Most education in India’s small villages takes place in a local government primary school where children typically between the ages of five and ten attend classes from 1st to 5th standard. There is one primary school in every village and in many of them there is just one teacher who has to teach the entire group of children of different ages at the same time. With today’s education system, where standardised curriculums and centralised examinations are definitive, such a setup puts rural children at a great disadvantage.

There are many constraints in villages that make it extremely difficult for the situation to improve. For example, there is a clear lack of teachers, as well as the unclear relationship between formal education and day-to-day village life. The Central Government has launched several far-reaching programmes to address the shortcomings of the Indian education system, including the Right-To- Education (RTE) Act of 2009, which has taken up the goal of delivering elementary education (1st to 8th standard) to all children between six and fourteen years of age.

Over the last decade, the government has proactively addressed issues of infrastructure, qualified teachers and enrolment, which lead to significant improvements in the education levels of the rural poor. However, at least as important as enrolment is the continuation of studies. According to the official government statistics of 2016 (U-DISE Report), nationally 29% of children drop out before completing their elementary education (1st to 8th standard), at which point they would be considered literate.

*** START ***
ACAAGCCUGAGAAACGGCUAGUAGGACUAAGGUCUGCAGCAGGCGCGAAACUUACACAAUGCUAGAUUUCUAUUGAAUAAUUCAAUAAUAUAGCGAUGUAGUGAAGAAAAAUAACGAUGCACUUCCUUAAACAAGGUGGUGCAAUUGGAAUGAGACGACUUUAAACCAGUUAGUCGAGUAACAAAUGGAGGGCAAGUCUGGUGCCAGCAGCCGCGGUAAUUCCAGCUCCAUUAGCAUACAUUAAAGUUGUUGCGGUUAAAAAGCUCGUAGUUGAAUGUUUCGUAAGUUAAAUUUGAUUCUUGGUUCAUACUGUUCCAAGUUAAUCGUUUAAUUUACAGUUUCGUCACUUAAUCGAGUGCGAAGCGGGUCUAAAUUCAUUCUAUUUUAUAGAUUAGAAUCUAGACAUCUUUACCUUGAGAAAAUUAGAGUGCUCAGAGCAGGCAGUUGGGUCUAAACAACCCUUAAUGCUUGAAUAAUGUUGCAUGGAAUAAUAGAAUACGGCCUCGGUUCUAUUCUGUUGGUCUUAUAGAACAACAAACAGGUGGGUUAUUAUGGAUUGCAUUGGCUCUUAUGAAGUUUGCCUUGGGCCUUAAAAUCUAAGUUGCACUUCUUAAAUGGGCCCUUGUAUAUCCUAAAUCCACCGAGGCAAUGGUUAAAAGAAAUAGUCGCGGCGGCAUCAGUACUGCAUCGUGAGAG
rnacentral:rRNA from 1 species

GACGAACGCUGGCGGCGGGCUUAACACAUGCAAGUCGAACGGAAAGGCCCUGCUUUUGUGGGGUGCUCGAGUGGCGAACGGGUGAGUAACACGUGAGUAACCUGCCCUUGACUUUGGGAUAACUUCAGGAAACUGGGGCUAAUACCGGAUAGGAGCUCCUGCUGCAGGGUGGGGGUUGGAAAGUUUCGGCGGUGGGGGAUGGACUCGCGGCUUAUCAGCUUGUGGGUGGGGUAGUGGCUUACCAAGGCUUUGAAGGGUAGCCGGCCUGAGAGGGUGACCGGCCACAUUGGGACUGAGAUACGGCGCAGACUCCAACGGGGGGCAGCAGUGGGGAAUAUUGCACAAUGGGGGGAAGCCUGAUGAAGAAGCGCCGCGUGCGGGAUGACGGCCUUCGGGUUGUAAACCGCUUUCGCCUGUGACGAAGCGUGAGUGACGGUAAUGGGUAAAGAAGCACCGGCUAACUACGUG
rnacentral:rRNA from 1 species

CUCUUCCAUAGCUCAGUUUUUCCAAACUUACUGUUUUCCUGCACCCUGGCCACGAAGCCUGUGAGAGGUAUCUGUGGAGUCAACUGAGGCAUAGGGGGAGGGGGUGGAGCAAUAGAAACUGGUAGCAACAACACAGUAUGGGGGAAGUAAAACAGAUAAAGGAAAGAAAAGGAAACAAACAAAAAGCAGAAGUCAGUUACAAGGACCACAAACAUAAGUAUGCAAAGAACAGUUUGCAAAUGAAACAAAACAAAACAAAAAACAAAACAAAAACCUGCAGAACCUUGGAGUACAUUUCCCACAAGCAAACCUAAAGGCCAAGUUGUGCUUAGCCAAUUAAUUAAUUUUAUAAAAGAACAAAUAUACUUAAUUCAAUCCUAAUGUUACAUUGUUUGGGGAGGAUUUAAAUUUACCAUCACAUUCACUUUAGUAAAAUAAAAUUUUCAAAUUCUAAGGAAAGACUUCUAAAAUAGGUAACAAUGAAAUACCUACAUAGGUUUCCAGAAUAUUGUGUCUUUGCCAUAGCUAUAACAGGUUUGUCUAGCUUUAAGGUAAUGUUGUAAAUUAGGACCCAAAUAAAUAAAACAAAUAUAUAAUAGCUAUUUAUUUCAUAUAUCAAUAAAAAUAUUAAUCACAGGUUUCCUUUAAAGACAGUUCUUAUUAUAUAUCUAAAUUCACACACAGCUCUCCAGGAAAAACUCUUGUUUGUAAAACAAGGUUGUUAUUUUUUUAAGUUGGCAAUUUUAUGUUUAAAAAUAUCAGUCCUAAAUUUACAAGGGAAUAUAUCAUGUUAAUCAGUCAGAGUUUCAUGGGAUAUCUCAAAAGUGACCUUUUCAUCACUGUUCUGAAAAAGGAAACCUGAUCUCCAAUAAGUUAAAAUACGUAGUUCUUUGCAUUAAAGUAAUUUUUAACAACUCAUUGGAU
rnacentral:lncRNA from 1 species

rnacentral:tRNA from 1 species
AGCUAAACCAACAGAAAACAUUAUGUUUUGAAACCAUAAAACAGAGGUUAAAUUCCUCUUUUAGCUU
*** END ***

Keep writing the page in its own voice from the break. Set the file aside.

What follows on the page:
For Scheduled Tribes, the same rate is as high as 50%. This is an area of serious concern. While the systemic reforms underway will take a long time to trickle down to the villages, there are several areas where immediate support can be offered to support the government’s initiatives.

Amrita SeRVe carries out a range of different activities to promote education, support the children in their studies, as well as supplement academic learning with value education.

Amrita Tuition Centers

One of the first steps in each new village is to identify a tuition teacher who can conduct daily tuition classes for the local children. The aim of these Amrita Education Centers is not to replace formal education, but rather to supplement the government education already received by the children in 1st to 8th  standard. Amrita Vishwa Vidyapeetham’s Amrita-CREATE manages the tuition centres by providing the teachers with a curriculum, extensive training and materials.